Jimmy Leets World
Graffiti Research Lab's James Powderly takes technology to the street
"The street will find its own use for things": William Gibson wrote that in his story "Burning Chrome" back in '82, nailing it to Omni magazine's erstwhile door to the future. Define "street" as vox populi, and figure what's always been most necessary is an amplifier to broadcast that voice throughout the city that the literal street and its iterations construct.
The street found its own use for audio-record turntables, shifting them from rote reproduction to notable creation with backspin, bump, and scritcha-scritcha-scratch, leading to what's become a Hancock-sized signature of the current zeitgeist's DIY soundtrack.
The street found its own use for sprayable paint, birthing a vernacular that's virused its way into the world's graphic perception of its wilder elements, leading to letterform creations like something from a monastic calligrapher's wet dream of color and shape.
The street found its own use for xerography and adhesives, as marked in '86 by Shepard Fairey's "Andre the Giant Has a Posse" campaign, leading to iconic Obamanations and dissension among the rankled ranks of indie aesthetes.
The street finds its own use for things, and things evolve, and there are always new things: computers, for instance. Lasers. Light-emitting diodes.
This is where James Powderly and Evan Roth of Graffiti Research Lab come in. They're artists and hackers, enablers of dissension and delight, devoted to bringing the newest things – open-sourced and on the cheap – to the purpose of the street.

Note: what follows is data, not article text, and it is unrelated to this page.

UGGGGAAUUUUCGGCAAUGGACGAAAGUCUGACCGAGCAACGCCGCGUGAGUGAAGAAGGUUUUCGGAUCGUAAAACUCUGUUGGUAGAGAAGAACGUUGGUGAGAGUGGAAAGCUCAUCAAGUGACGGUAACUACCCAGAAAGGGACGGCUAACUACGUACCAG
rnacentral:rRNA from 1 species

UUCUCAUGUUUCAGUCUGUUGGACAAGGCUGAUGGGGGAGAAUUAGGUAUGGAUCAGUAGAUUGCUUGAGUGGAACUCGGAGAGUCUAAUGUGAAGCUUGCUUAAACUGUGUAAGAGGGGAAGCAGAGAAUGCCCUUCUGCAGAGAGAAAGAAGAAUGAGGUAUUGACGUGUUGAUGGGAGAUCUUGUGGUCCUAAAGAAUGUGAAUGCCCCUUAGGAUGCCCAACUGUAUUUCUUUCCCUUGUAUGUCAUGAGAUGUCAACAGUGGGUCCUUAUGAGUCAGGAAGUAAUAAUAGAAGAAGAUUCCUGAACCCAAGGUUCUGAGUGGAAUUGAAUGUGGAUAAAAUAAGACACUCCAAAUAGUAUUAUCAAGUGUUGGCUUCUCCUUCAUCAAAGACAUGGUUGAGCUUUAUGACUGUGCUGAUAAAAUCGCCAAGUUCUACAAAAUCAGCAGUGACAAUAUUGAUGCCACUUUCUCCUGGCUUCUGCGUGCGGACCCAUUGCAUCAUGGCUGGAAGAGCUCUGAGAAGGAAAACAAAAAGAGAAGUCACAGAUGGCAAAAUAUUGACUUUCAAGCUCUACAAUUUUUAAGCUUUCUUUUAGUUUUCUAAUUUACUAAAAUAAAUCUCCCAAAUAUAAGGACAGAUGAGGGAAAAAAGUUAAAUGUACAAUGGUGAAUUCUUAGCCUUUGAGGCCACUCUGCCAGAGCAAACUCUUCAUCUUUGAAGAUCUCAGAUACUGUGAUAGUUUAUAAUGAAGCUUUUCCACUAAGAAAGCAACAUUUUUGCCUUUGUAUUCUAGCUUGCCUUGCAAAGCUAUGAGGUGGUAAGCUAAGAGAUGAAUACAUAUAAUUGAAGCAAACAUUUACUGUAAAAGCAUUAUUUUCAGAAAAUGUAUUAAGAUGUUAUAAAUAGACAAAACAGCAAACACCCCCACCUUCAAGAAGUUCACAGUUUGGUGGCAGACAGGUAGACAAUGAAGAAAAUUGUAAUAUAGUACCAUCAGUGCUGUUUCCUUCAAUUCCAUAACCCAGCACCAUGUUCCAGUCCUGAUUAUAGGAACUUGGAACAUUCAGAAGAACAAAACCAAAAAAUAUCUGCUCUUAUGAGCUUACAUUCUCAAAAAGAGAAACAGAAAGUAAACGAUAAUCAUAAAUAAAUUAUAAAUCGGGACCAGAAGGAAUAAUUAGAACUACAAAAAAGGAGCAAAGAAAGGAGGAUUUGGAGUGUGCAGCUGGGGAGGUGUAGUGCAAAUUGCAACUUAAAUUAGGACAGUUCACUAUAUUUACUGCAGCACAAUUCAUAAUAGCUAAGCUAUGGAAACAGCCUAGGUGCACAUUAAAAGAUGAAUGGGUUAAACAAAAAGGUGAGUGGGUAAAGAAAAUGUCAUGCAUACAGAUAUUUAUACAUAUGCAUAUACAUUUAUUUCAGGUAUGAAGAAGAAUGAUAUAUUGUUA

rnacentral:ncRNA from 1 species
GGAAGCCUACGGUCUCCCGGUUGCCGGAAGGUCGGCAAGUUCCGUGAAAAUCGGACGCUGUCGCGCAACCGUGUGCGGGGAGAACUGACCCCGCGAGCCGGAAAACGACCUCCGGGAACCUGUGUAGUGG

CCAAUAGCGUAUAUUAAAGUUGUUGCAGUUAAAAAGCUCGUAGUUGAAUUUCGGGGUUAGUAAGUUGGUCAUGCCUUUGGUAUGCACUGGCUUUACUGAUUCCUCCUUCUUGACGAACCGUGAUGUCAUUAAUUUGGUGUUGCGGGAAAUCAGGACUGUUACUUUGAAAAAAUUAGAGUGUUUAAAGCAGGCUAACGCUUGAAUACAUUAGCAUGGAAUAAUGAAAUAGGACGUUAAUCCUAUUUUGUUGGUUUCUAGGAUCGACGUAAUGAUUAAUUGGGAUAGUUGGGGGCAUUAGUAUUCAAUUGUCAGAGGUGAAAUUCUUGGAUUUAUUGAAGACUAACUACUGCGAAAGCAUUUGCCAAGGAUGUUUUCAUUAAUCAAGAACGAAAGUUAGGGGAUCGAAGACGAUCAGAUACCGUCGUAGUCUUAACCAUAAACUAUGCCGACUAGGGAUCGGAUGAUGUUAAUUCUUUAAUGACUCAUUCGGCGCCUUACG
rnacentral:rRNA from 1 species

That amplification of the urban vox populi, the voice of the cultural underdog howling against the ever-closing bars of its commercial cage? The use of cutting-edge technology to communicate a hearty and visually compelling fuck-you to the Man? That's Powderly and Roth and their associates. And Powderly, previously detained by Chinese authorities for planning to LASER Tag the glammed-up cityscape with pro-Tibet slogans at the Beijing Olympics, is gonna be walking the streets of Austin soon?
"I'm coming to South by Southwest Interactive to give one of the keynote lectures," he tells me over Skype from Berlin. "I'm not really doing a project – not officially, at least – just giving a talk with New York Times writer Virginia Heffernan. I'm not even sure what we're going to talk about yet. We should probably get in touch and, ah, figure that out."
Graffiti Research Lab, started in New York City but now purposely rhizomed across the globe, figured out how to turn the brightness of light-emitting diodes and the stickiness of glue into the LED Throwies that illuminate the nightside of diverse urbanscapes. The GRL figured out how to brand huge buildings with laser pointers and computer-assisted light projection, how to fabricate a Barry McGee design for extending the range of spray-paint tags. Surely the group's co-founder can co-conjure a fittingly interactive conversation?